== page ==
Stenog exiles Parsons to Mars, but his transport is intercepted by the masterminds behind his time travel. This group, now the genetically dominant tribe, explains their motive—the revival of their ideological patriarch. He has been cryogenically preserved for 35 years following an arrow to the heart. Parsons manages to save his life, but the patriarch is shortly thereafter found dead, his heart once again pierced with an arrow. It is revealed that the tribe intends to systematically eradicate all European colonization efforts in history, intending to halt centuries of white oppression; the patriarch had been stabbed during his attempt to begin the tribe’s crusade with the elimination of Sir Francis Drake in 1579. Returning to that time, Parsons discovers two startling facts: Stenog had traveled back to replace Drake, implying that all colonizers were from the future, and Parsons was the true killer of the patriarch, albeit accidentally. Despite the ensuing fallout involving much time travel, Parsons is returned to his own time, spared from temporal exile by his future children spawned from the impregnation of the Mother Superior.

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The Winter Soldier

Mason, Daniel

Last Updated: Jun-20-2020
Annotated by:
Field, Steven

Primary Category: Literature / Fiction

Genre: Novel

Summary:

When The Winter Soldier opens, Lucius Kszelewski, youngest son of a patrician Polish family living in Vienna, is on a train bound in the dead of winter for a field hospital in the Carpathian Mountains.  It is 1915, and Austria-Hungary is at war with Russia.  Lucius, a medical student, has completed only six semesters of medical school, but World War I has intervened, and due to a shortage of physicians in the army the government has decreed that students may graduate early, become doctors, and immediately be commissioned.   Lucius has done so and is on his way to Lemnowice, a Galician village, where he believes he will work with other physicians and finally learn to be “a real doctor.” 

When he arrives, he finds that the hospital is an expropriated village church overrun by rats and ravaged by typhus, and he is the only physician.  The hospital is run by a nun, Sister Margarete, assisted only by orderlies, and the patient load runs the gamut from fractures and gunshot wounds to gangrenous legs and massive head trauma.  The front is only a few kilometers away, and the wounded arrive continuously; the quiet and formal Sister Margarete confidently and  surreptitiously guides him through rounds, surgeries, and battlefield medicine.  Lucius is initially wary of her, perhaps a bit awed by her, and ultimately falls in love with her.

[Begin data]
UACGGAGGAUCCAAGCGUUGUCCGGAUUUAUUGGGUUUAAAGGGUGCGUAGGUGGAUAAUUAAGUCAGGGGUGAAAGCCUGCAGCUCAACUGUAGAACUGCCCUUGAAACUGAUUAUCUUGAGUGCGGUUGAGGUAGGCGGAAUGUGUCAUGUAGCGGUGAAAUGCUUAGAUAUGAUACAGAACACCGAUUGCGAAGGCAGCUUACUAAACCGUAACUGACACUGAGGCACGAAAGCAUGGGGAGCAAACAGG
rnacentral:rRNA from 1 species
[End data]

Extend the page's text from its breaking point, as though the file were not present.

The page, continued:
The transforming event is the arrival of the winter soldier, Jozsef Horvath, brought in from the snow mute and shell-shocked, but with no visible wounds.  Lucius is fascinated by diseases of the brain and mind, and this patient presents a tremendous challenge.  Lucius is sure that Horvath has “war neurosis,” what the British physicians of the time were calling shell shock and what we today would call PTSD, and he is determined to understand and heal him.  Lucius and Margarete make slow progress with their patient, but his attempts to care for Horvath have unintended effects, and Lucius must then deal with the consequences of his actions.  

The war, and the hospital routine, go on.  One day, while Lucius and Margarete are relaxing in the woods, Lucius asks her to marry him.  Margarete runs off, and Lucius returns to the village, but Margarete is not there.  While Lucius and the staff search for her, Lucius gets lost; he stumbles onto a battlefield and is dragooned into service with a regiment of the Austrian infantry.  He escapes and tries to make his way back to the field hospital, and to Margarete, but Lemnowice has fallen to the Russians.  The hospital has been evacuated—and Margarete has disappeared.   Lucius’ search for her will take him across the war-torn remnant of the Empire.

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The Eye in the Door

Barker, Pat

Last Updated: Jun-08-2020
Annotated by:
Field, Steven

Primary Category: Literature / Fiction

Genre: Novel

Summary:

The Eye in the Door is the second volume in Pat Barker’s Regeneration trilogy (the first and third volumes, Regeneration and The Ghost Road are also annotated in this database).  It continues the story of Dr. William Rivers and the soldiers he treats for shell shock, what we today would call Post-Traumatic Stress Disorder, in World War I era Britain.  The action has now shifted from Craiglockhart War Hospital, near Edinburgh, to London; and while Rivers remains a primary character, seeing patients now at a London clinic, this volume focuses on Rivers’ relationship with Billy Prior, an officer who was treated at Craiglockhart after a service-related nervous breakdown. 

Billy Prior, released from service on the Front and now serving on “home duty,” is working in the Intelligence Unit of the Ministry of Munitions, a domestic information-gathering and surveillance unit.  England, on wartime footing, is rife with paranoia and conspiracy theories, and the primary objects of state surveillance are two groups of people felt to be disloyal or untrustworthy:  conscientious objectors, or “conchies,” and homosexuals, who are seen as both abnormal and subversive.  The state is unremitting in its hounding and pursuit of these two groups, and is in fact “the eye in the door,” always watching and ready to pounce.